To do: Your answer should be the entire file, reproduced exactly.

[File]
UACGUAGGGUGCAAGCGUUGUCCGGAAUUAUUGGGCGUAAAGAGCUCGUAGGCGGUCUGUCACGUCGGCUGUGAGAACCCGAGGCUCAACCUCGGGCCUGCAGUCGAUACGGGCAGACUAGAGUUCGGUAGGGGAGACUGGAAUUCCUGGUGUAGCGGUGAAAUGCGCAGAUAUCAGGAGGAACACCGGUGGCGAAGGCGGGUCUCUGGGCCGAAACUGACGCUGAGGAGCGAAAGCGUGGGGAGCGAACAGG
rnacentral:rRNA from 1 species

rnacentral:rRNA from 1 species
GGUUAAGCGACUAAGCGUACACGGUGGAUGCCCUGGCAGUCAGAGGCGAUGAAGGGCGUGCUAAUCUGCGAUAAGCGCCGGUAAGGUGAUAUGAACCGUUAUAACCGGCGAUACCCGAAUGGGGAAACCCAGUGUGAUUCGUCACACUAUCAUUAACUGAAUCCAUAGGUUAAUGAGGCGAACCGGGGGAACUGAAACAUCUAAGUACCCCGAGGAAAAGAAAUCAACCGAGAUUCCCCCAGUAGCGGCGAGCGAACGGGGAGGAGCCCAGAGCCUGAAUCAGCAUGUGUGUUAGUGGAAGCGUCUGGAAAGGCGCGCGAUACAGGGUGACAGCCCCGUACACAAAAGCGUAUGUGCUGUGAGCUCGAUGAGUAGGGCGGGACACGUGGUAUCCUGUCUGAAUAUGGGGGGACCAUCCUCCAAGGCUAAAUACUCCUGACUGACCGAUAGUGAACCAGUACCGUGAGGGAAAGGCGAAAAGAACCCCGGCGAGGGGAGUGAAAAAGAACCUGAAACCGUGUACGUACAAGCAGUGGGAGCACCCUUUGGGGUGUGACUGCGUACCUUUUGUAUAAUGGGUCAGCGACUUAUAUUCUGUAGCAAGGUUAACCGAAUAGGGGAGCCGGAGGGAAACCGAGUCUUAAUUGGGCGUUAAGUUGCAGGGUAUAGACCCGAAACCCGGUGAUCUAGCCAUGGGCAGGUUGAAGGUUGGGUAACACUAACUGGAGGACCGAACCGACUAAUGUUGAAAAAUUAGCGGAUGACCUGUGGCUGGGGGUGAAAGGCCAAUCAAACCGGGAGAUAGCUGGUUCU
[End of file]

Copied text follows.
UACGUAGGGUGCAAGCGUUGUCCGGAAUUAUUGGGCGUAAAGAGCUCGUAGGCGGUCUGUCACGUCGGCUGUGAGAACCCGAGGCUCAACCUCGGGCCUGCAGUCGAUACGGGCAGACUAGAGUUCGGUAGGGGAGACUGGAAUUCCUGGUGUAGCGGUGAAAUGCGCAGAUAUCAGGAGGAACACCGGUGGCGAAGGCGGGUCUCUGGGCCGAAACUGACGCUGAGGAGCGAAAGCGUGGGGAGCGAACAGG
rnacentral:rRNA from 1 species

rnacentral:rRNA from 1 species
GGUUAAGCGACUAAGCGUACACGGUGGAUGCCCUGGCAGUCAGAGGCGAUGAAGGGCGUGCUAAUCUGCGAUAAGCGCCGGUAAGGUGAUAUGAACCGUUAUAACCGGCGAUACCCGAAUGGGGAAACCCAGUGUGAUUCGUCACACUAUCAUUAACUGAAUCCAUAGGUUAAUGAGGCGAACCGGGGGAACUGAAACAUCUAAGUACCCCGAGGAAAAGAAAUCAACCGAGAUUCCCCCAGUAGCGGCGAGCGAACGGGGAGGAGCCCAGAGCCUGAAUCAGCAUGUGUGUUAGUGGAAGCGUCUGGAAAGGCGCGCGAUACAGGGUGACAGCCCCGUACACAAAAGCGUAUGUGCUGUGAGCUCGAUGAGUAGGGCGGGACACGUGGUAUCCUGUCUGAAUAUGGGGGGACCAUCCUCCAAGGCUAAAUACUCCUGACUGACCGAUAGUGAACCAGUACCGUGAGGGAAAGGCGAAAAGAACCCCGGCGAGGGGAGUGAAAAAGAACCUGAAACCGUGUACGUACAAGCAGUGGGAGCACCCUUUGGGGUGUGACUGCGUACCUUUUGUAUAAUGGGUCAGCGACUUAUAUUCUGUAGCAAGGUUAACCGAAUAGGGGAGCCGGAGGGAAACCGAGUCUUAAUUGGGCGUUAAGUUGCAGGGUAUAGACCCGAAACCCGGUGAUCUAGCCAUGGGCAGGUUGAAGGUUGGGUAACACUAACUGGAGGACCGAACCGACUAAUGUUGAAAAAUUAGCGGAUGACCUGUGGCUGGGGGUGAAAGGCCAAUCAAACCGGGAGAUAGCUGGUUCU